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Here's the problem: this program should receive input from stdin and count the bytes inserted; the SIGUSR1 signal whill stop the main program and will print on file standard error how many bytes have been copied when I send the SIGUSR1.

That's how my teacher wants me to do this: in one terminal type

cat /dev/zero | ./cpinout | cat >/dev/null

while from a second terminal send signals with

kill -USR1 xxxx

where xxxx is the pid of cpinout.

I updated my previous code:

/* cpinout.c */

#include <stdio.h>
#include <stdlib.h>
#include <string.h>
#include <unistd.h>
#include <signal.h>

#define BUF_SIZE 1024   

volatile sig_atomic_t countbyte = 0;
volatile sig_atomic_t sigcount = 0;

/* my_handler: gestore di signal */
static void sighandler(int signum) {
    if(sigcount != 0)
        fprintf(stderr, "Interrupted after %d byte.\n", sigcount);
    sigcount = contabyte;
}

int main(void) {

    int c;
    char buffer[BUF_SIZE];
    struct sigaction action;

    sigemptyset(&action.sa_mask);
    action.sa_flags = 0;
    action.sa_handler = sighandler;
    if(sigaction(SIGUSR1, &action, NULL) == -1) {
        fprintf(stderr, "sigusr: sigaction\n");
        exit(1);
    }
    while( c=getc(stdin) != EOF ) {
        countbyte++;
        fputc(c, stdout);
    }
    return(0);
}
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Won't work even with sigaction >.< I still get millions of bytes copied –  elmazzun Mar 19 '13 at 15:16

2 Answers 2

up vote 1 down vote accepted


EDIT

In the comments you mentioned that you are running the command as:

cat /dev/zero | ./namefile | cat >/dev/null

The behaviour is actually fine. /dev/zero is an endless stream of zeros, which are being sent to the program. So it's counting them up very quickly. When you interrupt, it stops and you're left with a large number.


The problem may be related to the fact that the signal handler may be called while the global variable is being updated (if this takes more than one instruction). However, the GNU documentation states that it's safe to assume that an int is always atomic on a POSIX system.

The only other possibility I can think of is that you're calling fputc in the loop, with printf in the handler (it should however be safe to call printf in a handler if it's not being called by the program). Try removing fputc from the loop to see if it resolves the problem.

EDIT:

This appears to explain the problem. This relates to the kind of functions that are safe to call from within a signal handler:

Functions can also be nonreentrant if they use static data structures for their internal bookkeeping. The most obvious examples of such functions are the members of the stdio library (printf(), scanf(), and so on), which update internal data structures for buffered I/O. Thus, when using printf() from within a signal handler, we may sometimes see strange output—or even a program crash or data corruption— if the handler interrupts the main program in the middle of executing a call to printf() or another stdio function. (The Linux Programming Interface)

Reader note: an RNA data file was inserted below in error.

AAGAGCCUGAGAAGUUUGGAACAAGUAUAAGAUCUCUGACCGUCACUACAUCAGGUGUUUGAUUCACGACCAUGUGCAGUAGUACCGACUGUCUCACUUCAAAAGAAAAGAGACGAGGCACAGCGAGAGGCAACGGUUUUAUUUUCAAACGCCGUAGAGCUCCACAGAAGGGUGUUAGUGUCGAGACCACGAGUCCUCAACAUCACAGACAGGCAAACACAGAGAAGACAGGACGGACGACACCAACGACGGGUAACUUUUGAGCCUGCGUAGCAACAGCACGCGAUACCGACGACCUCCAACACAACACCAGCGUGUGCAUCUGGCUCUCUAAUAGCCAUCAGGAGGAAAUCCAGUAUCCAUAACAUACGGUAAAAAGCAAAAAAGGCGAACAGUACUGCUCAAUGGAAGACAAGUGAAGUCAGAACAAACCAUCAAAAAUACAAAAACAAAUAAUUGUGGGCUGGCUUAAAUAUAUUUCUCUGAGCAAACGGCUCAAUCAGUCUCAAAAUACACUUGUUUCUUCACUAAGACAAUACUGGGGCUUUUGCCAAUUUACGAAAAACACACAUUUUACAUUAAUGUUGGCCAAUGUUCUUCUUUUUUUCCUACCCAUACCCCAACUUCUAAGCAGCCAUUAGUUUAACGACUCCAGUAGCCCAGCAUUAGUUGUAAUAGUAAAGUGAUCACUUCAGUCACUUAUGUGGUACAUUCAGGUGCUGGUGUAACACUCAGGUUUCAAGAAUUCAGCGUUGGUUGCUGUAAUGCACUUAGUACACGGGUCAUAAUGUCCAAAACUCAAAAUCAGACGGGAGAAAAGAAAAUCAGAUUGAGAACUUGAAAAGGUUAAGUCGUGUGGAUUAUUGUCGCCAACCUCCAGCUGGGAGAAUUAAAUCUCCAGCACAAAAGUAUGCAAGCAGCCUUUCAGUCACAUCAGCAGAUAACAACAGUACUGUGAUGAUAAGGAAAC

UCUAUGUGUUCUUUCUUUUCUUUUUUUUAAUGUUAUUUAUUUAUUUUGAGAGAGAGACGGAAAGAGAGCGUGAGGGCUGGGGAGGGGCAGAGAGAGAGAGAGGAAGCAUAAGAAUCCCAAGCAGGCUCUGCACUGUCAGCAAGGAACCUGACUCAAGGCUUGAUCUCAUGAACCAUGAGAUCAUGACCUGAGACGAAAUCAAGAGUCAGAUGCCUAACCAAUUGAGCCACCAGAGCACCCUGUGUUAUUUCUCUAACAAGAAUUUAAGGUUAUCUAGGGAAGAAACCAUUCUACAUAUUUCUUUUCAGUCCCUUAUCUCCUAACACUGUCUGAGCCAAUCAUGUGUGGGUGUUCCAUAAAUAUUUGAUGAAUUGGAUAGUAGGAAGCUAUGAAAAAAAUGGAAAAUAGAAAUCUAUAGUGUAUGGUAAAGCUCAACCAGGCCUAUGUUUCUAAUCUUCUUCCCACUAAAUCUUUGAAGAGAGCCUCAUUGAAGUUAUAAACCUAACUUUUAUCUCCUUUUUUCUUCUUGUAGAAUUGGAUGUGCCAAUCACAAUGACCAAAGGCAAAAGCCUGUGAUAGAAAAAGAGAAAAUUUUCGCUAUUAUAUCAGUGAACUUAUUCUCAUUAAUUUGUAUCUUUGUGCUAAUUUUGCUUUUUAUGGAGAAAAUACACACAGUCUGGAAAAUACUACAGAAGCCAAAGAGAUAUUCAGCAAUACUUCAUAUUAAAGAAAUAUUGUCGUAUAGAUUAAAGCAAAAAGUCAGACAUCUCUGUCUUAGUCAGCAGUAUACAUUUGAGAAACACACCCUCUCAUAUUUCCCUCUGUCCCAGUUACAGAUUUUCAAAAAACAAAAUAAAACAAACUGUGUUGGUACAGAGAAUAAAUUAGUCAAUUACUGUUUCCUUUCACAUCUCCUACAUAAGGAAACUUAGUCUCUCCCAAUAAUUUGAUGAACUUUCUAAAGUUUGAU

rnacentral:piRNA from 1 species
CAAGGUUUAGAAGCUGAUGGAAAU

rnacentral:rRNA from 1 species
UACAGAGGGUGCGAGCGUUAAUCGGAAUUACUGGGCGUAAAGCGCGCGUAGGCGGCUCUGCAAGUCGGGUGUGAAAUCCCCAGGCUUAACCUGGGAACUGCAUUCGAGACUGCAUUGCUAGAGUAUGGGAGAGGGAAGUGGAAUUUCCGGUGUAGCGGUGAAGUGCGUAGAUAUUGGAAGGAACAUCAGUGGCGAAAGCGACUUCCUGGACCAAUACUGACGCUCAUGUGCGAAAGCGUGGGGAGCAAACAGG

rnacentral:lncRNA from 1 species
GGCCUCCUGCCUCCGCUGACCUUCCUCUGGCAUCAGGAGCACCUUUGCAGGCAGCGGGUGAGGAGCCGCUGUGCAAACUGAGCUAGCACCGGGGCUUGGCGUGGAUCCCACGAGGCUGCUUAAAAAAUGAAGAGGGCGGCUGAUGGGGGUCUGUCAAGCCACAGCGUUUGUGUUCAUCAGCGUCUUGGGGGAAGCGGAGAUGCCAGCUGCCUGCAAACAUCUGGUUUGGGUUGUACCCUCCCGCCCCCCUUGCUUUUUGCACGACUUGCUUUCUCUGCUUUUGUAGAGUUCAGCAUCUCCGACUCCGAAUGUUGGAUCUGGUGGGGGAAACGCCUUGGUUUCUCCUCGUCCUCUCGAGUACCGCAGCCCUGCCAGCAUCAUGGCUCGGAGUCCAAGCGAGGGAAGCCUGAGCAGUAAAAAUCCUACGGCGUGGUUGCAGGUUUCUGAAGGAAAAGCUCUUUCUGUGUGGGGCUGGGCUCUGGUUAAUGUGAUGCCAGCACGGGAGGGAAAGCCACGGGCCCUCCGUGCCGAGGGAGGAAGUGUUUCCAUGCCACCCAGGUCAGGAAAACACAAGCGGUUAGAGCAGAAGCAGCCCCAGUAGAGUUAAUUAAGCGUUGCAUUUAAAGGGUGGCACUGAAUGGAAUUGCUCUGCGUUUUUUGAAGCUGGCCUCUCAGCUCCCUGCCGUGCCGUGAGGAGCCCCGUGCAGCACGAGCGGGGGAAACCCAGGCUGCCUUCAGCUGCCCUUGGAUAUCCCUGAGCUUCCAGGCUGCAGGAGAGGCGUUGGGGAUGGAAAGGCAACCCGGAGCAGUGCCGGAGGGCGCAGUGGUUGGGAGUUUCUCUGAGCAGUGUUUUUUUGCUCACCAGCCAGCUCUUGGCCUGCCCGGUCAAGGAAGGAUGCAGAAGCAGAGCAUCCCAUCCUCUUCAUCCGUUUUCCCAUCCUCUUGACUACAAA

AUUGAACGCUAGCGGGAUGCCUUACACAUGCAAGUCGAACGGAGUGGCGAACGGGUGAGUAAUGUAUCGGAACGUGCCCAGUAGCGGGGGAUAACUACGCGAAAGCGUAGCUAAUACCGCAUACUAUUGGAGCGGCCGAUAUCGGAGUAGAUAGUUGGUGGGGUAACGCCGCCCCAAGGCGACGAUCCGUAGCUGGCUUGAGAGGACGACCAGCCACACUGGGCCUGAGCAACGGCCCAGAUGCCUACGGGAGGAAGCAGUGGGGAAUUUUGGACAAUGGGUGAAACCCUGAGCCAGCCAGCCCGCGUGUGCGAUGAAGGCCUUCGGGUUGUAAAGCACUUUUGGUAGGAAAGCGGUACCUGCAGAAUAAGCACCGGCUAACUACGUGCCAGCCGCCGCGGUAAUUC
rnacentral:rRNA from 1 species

Your program is interrupting a stdio function, which seems to fit this perfectly.


Here's an alternative approach:

#include <stdio.h>
#include <stdlib.h>
#include <string.h>
#include <signal.h>

int countbyte = 0;  // for main program
int sigcount = 0;   // for signal handler

/* my_handler: signal handler */
static void sighandler(int signum)
{
   sigcount = countbyte;
}

int main(void)
{ 
   int c;
   struct sigaction sigact;

   sigemptyset(&sigact.sa_mask);
   sigact.sa_flags = 0;
   sigact.sa_handler = sighandler;
   sigaction(SIGUSR1, &sigact, NULL);
   while ((c = getc(stdin)) != EOF) {
      countbyte++;
      fputc(c, stdout);
   }
   if (sigcount != 0) {
      printf("Interrupted after %d bytes\n", sigcount);
   }

   return 0;
}
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Could you give an hint why you think the differences between signal and sigaction are pertinent here? –  AProgrammer Mar 19 '13 at 14:40
    
@AProgrammer - the documentation states 'The behavior of signal() varies across UNIX versions, and has also varied historically across different versions of Linux. Avoid its use: use sigaction(2) instead ... The only portable use of signal() is to set a signal's disposition to SIG_DFL or SIG_IGN. The semantics when using signal() to establish a signal handler vary across systems (and POSIX.1 explicitly permits this variation); do not use it for this purpose. –  teppic Mar 19 '13 at 14:52
1  
Yes, there are differences in behavior between unix variants, I know of none related to the reported problem. –  AProgrammer Mar 19 '13 at 15:04
    
Same error, @teppic –  elmazzun Mar 19 '13 at 15:57
    
@AndreaMazzocchi - what's your operating system? –  teppic Mar 19 '13 at 16:00

Signals may only write volatile sig_atomic_t variables according to the standard.

Implementations often offer more, but I doubt that using non-volatile global variables or printf is something provided by yours.

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